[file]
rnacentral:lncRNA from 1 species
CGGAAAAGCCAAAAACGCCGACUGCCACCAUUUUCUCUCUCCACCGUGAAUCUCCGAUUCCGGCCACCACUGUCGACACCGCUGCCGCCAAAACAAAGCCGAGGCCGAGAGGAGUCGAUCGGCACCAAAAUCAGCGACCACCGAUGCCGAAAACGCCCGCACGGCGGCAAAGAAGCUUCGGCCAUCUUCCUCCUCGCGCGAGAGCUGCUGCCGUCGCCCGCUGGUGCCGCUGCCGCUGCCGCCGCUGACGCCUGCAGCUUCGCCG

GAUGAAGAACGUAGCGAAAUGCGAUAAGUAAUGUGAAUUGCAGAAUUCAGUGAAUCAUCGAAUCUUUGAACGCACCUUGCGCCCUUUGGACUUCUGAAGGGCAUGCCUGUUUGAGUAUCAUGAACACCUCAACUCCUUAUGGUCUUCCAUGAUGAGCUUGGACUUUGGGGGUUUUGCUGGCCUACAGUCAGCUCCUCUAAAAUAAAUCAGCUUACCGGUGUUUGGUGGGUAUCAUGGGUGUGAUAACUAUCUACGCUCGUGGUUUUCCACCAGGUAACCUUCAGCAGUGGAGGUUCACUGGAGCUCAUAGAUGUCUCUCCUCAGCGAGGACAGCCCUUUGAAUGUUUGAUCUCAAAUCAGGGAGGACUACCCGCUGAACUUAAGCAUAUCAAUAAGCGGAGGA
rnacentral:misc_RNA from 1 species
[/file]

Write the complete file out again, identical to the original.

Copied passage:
rnacentral:lncRNA from 1 species
CGGAAAAGCCAAAAACGCCGACUGCCACCAUUUUCUCUCUCCACCGUGAAUCUCCGAUUCCGGCCACCACUGUCGACACCGCUGCCGCCAAAACAAAGCCGAGGCCGAGAGGAGUCGAUCGGCACCAAAAUCAGCGACCACCGAUGCCGAAAACGCCCGCACGGCGGCAAAGAAGCUUCGGCCAUCUUCCUCCUCGCGCGAGAGCUGCUGCCGUCGCCCGCUGGUGCCGCUGCCGCUGCCGCCGCUGACGCCUGCAGCUUCGCCG

GAUGAAGAACGUAGCGAAAUGCGAUAAGUAAUGUGAAUUGCAGAAUUCAGUGAAUCAUCGAAUCUUUGAACGCACCUUGCGCCCUUUGGACUUCUGAAGGGCAUGCCUGUUUGAGUAUCAUGAACACCUCAACUCCUUAUGGUCUUCCAUGAUGAGCUUGGACUUUGGGGGUUUUGCUGGCCUACAGUCAGCUCCUCUAAAAUAAAUCAGCUUACCGGUGUUUGGUGGGUAUCAUGGGUGUGAUAACUAUCUACGCUCGUGGUUUUCCACCAGGUAACCUUCAGCAGUGGAGGUUCACUGGAGCUCAUAGAUGUCUCUCCUCAGCGAGGACAGCCCUUUGAAUGUUUGAUCUCAAAUCAGGGAGGACUACCCGCUGAACUUAAGCAUAUCAAUAAGCGGAGGA
rnacentral:misc_RNA from 1 species